July 1, 2016 - Museum Villa Stuck - Carlos Garaicoa: Unfinished Order / Sylvie Fleury: My Life on the Road
July 1, 2016

Museum Villa Stuck

(1) Carlos Garaicoa, Portafolio, 2013. Courtesy the artist. (2) Sylvie Fleury, First Spaceship on Venus, 2015. Courtesy Thaddaeus Ropac Gallery, Paris, Salzburg. (3) Design: KMS TEAM.

Carlos Garaicoa
Unfinished Order
(Orden Inconcluso)
June 9–September 4, 2016

Sylvie Fleury
My Life on the Road
June 30–October 3, 2016

Friday Late: Free admission every first Friday of the month from 6–10pm

Museum Villa Stuck
Prinzregentenstrasse 60
81675 Munich
Germany
Hours: Tuesday–Sunday 11am–6pm

villastuck@muenchen.de

www.villastuck.de
Twitter / Facebook / Instagram

Carlos Garaicoa
Unfinished Order
(Orden Inconcluso)
June 9–September 4, 2016

Sylvie Fleury
My Life on the Road
June 30–October 3, 2016

Friday Late: Free admission every first Friday of the month from 6–10pm

Museum Villa Stuck
Prinzregentenstrasse 60
81675 Munich
Germany
Hours: Tuesday–Sunday 11am–6pm

villastuck@muenchen.de

www.villastuck.de
Twitter / Facebook / Instagram

Carlos Garaicoa: Unfinished Order (Orden inconcluso)
The Museum Villa Stuck presents the first comprehensive solo exhibition of Cuban artist Carlos Garaicoa in the German-speaking countries. To Garaicoa, the failure of political ideals expresses itself most clearly in architecture. Since the beginning of the 1990s, the artist has been reflecting on the social, economic and political change that is a result of the history of the twentieth century. In his native city of Havana as well as in international projects he traces the transformation of urban space as a reflection of social developments. Architecture and urbanism are the subjects that are his main focus. In photo series and installations he creates a critical archaeology of cities.

Unfinished Order (Orden inconcluso) is the first project dealing with the two contexts that the artist knows from personal experience: on the one hand his home country, Cuba, which is characterised by contradictions between social realities and utopian hopes, and on the other a Southern European country such as Spain with its capital, Madrid, where the end of utopia presents itself from the opposite perspective: that of late-capitalist societies and the idea of social welfare.

Unfinished Order (Orden inconcluso) draws a conceptual line spanning the different decades of Carlos Garaicoa’s oeuvre. Based on a careful selection of works that deal with economy and architecture in terms of power, control and utopian ideas, the exhibition also offers visitors the opportunity to see a few project-specific works that exemplify the artist’s intention to find a connection between the various political and economic realities he has experienced first-hand. Experiences and perspectives of a newly awakening and developing world are juxtaposed with a European disillusioned view of developments that already occurred.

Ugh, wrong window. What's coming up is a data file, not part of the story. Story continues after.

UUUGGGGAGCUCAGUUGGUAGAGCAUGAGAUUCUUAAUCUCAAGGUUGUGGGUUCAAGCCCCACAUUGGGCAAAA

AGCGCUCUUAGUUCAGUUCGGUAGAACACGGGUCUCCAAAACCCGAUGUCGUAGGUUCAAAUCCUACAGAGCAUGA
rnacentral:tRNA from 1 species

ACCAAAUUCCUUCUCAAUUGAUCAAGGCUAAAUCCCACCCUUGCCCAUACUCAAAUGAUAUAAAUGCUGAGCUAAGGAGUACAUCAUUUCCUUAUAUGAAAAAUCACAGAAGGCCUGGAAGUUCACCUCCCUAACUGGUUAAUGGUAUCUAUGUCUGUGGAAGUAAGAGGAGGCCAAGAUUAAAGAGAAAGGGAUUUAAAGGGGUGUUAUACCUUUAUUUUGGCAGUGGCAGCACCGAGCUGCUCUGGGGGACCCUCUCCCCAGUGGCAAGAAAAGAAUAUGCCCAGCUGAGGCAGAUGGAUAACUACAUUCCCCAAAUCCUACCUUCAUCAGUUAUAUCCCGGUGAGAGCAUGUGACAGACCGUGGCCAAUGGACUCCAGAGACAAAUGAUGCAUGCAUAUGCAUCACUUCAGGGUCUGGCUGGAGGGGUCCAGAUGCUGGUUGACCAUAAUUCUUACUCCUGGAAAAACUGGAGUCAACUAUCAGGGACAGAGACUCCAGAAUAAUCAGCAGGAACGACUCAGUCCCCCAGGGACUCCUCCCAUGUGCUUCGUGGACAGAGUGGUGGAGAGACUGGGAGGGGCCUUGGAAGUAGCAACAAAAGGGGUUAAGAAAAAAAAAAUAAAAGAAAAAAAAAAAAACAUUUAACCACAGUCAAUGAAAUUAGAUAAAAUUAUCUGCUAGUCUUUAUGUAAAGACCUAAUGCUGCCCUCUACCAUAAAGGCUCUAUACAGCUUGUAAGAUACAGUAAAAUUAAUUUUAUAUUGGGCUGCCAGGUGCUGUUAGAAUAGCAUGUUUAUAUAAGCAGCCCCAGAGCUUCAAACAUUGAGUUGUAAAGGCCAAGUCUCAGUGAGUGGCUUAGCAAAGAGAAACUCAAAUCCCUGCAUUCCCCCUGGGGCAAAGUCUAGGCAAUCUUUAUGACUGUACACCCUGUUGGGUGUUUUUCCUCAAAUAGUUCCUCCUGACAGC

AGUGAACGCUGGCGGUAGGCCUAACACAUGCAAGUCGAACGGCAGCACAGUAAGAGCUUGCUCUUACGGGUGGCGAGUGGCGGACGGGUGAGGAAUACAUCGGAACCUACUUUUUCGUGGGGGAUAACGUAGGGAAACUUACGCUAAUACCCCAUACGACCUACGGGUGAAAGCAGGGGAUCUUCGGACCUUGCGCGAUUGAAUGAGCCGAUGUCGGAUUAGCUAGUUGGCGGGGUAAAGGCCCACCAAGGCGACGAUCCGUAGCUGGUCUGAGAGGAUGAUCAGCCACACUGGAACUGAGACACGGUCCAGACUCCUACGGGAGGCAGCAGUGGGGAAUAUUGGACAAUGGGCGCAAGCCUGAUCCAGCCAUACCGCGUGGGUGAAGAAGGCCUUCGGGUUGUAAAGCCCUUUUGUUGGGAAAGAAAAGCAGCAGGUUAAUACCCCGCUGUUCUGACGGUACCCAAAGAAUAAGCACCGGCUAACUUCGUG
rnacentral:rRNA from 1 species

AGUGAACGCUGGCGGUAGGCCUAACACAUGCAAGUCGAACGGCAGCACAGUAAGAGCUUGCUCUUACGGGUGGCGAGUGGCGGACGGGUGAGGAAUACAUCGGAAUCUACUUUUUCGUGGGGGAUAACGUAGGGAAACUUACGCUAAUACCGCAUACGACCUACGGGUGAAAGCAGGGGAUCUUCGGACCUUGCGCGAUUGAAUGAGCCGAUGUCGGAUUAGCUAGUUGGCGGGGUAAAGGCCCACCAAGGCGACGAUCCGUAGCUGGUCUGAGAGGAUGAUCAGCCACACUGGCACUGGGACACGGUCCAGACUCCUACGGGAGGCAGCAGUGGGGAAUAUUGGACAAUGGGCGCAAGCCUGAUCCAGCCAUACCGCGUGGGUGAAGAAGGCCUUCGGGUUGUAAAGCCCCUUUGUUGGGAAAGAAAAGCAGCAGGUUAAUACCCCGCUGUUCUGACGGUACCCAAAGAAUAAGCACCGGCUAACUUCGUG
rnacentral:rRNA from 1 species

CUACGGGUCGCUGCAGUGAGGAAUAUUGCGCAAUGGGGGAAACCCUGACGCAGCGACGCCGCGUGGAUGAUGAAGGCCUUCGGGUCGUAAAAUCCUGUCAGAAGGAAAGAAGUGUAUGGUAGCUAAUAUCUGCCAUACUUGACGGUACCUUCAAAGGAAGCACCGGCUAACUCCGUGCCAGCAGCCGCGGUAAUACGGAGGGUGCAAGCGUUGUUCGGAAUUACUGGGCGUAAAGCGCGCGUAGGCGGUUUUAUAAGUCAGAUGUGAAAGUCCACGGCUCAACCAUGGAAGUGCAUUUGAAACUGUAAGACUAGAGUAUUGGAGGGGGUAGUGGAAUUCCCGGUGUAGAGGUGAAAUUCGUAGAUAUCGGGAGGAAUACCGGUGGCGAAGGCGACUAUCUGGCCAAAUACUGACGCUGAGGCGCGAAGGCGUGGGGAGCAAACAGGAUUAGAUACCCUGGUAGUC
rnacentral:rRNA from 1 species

An exhibition of CA2M - Centro de Arte Dos de Mayo, Madrid, in cooperation with Nasjonalmuseet for kunst, arkitektur og design, Oslo, and Museum Villa Stuck, curated by Agustín Pérez Rubio, Director MALBA, Buenos Aires


Sylvie Fleury: My Life on the Road
Faster! Bigger! Better! Since the 1990s Sylvie Fleury has in various ways been referencing commerce and the world of luxury goods in her works. This summer the Museum Villa Stuck is devoting a major one-woman exhibition to her. Fleury will use the historical rooms of the Villa Stuck to offer a survey of her work of the past 25 years. In addition, she is conceiving new works for the exhibition; glass pieces created in collaboration with the Mayer'sche Hofkunstanstalt will be a special highlight.

Sylvie Fleury is known for her stagings of glamour, fashion and luxury items: shopping bags of well-known fashion companies are presented in the exhibition spaces, as are cosmetic products that are lying broken on the floor. Status symbols and fetishes from the world of consumption are transferred into the context of the world of art, thereby calling their value into question. Her objects are “ready-mades” in the tradition of Duchamp that underscore Wahrhol’s approach to a critique of the world of commodities. The power of the brand, the logo as emblem of a global consumer world—Fleury exaggerates these marketing strategies in her multilayered works. She takes works of famous (male) artists, such as the art of Minimalist Dan Flavin or the conceptual works of Daniel Buren, and adds provokingly feminist connotations to them. By disrupting the aesthetic concept of those works, she breaks their seriousness.

For her exhibition at the Museum Villa Stuck Sylvie Fleury will also make reference to Franz von Stuck’s historical rooms. Like no other in his day, Stuck knew how to create a brand: from his own typeface through to the total work of art, as which he conceived his mansion, he was primarily concerned with recognizability and brilliant art product development—a challenge for Fleury’s works. Her installations oscillate between seduction and superficiality, art and advertising, concept and consumption. They reveal desire and expert or insider knowledge as well as social codes.

An exhibition organized by the Museum Villa Stuck, curated by Verena Hein.

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Unfinished Order
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My Life on the Road
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